Mark Schorr '66

  • Mark Schorr
    Mark: All right. My name is Mark Schorr. I currently live in Andover Massachusetts, and I’m a member of the Grinnell College class of ’66. I’d like to talk a bit about topic 1, 8, and 15: why did I come to Grinnell College, how has Grinnell changed me since I was a student, and a bit of the student in campus life as I experienced it.
  • Mark Schorr
    Mark: One of the things that influenced my choice, I fell under the spell of a very persuasive admissions officer when I was working in my high school college counseling office. Mr. Secoya came and was recruiting for Grinnell, and I was also applying to Harvard and one or two other places, but the big stumbling block for me was, besides the usual stumbling blocks of money and apps and getting in, was, I wanted to find a place that was relatively convenient.
  • Mark Schorr
    Mark: I came from a close family life in Chicago and my father didn’t drive very much. I wanted to- so even though I’d looked at other schools that were not as far as Harvard, but there were... I wanted to find a school that I could travel to back and forth easily myself, by public transportation.
  • Mark Schorr
    Mark: And as soon as Mr. Secoya started describing Grinnell, I read the- eagerly read the catalog and realized that I could go on the Rock Island line. And I- so, very often I would go back and forth to college on city bus, take a city bus from my house to- sometimes I’d get a ride from my dad to the Englewood Station at 63rd and Englewood, and take the Rock Island line from there, and... It- I look back and I romanticize it, but it was a pretty good road, as Lead Belly said, it was a pretty good road, and it was the road to ride in my freshman year. It was very convenient and we arrived at the Depot.
  • Mark Schorr
    Mark: I would never take more than I could carry up to the college. That also meant that I had a very... Current President Howard Bowen advocated something called spartan living and I think I always practiced that, that I never had more than one suitcase worth of stuff. I ended up with a lot of books from the College, books which I wanted to keep eventually. But, by my senior year, at the end of my senior year, I got an old shitbox car and was able to ride- to take some of the stuff back and forth that way. But, the Rock Island line was a mighty good road, a mighty good way to get to Grinnell, and...
  • Mark Schorr
    Mark: One of my writing teachers at Grinnell, Mike Liberman, defined a short story as something you say to a person on the way to the airport. And in this case, it was- the short story was on the way to the railroad station. And very often, I remember there were times when I would be seeing someone on the way to the Depot and we would stop and have this fantastic conversation, and then- which I would then think about on the train all the way home.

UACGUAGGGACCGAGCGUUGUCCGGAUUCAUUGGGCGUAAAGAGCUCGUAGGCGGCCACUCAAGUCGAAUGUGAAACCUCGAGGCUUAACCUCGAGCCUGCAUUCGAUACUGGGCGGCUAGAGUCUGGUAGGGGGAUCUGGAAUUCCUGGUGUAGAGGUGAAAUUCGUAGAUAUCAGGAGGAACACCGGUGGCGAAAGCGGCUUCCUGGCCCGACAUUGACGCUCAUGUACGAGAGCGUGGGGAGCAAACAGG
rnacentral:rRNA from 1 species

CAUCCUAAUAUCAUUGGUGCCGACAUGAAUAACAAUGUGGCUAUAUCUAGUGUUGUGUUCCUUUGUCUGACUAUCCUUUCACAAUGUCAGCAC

• Mark Schorr
    Mark: And actually, as I remember it, maybe the second or third trip that I took to Grinnell, I sat next to Philosophy professor, Paul Kuntz, whose big topic was order and chaos, and I got a three hour discussion of order and chaos, which got into the discussion. He wasn’t lecturing to me at all. He was very Socratic on the train, and that was one of the most fantastic conversations of my young life.
  • Mark Schorr
    Mark: So, other times it was talking with students and we gradually, in the sophomore and junior year, gradually noticed that the Rock Island line, the service was getting less good. They were putting on fewer cars and fewer trains. And sometimes there were service interruptions, but we still persisted and those train experiences were often- were very much a part of my life at the school.
  • Mark Schorr
    Mark: We- some of my friends began to play musical instruments and we played them on the train, and we’d find a car where people didn’t mind. And actually, as the service was further curtailed, one time the train crew let us go into the baggage room which was actually a foreshadowing of what was to come because we were actually, we were almost riding the rails by the senior year. The service was so sparse. But, the Rock Island line, it was a mighty good road, and I say a small but important part of my Grinnell experience.
  • Tamara Grbusic & Mark Schorr
    Tamara: And did it take you directly to campus?Mark: No, there was a two or three- I mean, there was a short walk to campus. But again, it was something- occasionally I would take a taxi, but the majority of times I, and most of us, would walk to campus, as I remember it. Walking was much more common part of our lives, then, so... And it’s interesting that these many years later I think about that as being a part of the Grinnell experience.
  • Mark Schorr & Tamara Grbusic
    Mark: I wrote an essay about in-town tourists, how even after I came out of a suburban culture - urban really, urban/suburban culture - of driving everywhere, that one of the things that changed when I got to Grinnell was walking or bicycling everywhere. And so quite unknowingly, my Grinnell experience, I anticipated that, and the Grinnell experience prepared me for a world where public transportation was a more important thing, less of a suburban sprawl. And that remained one of the hallmarks of Grinnell for me.Tamara: Thank you.
Alumni oral history interview with Mark Schorr '66. Recorded June 2, 2012.
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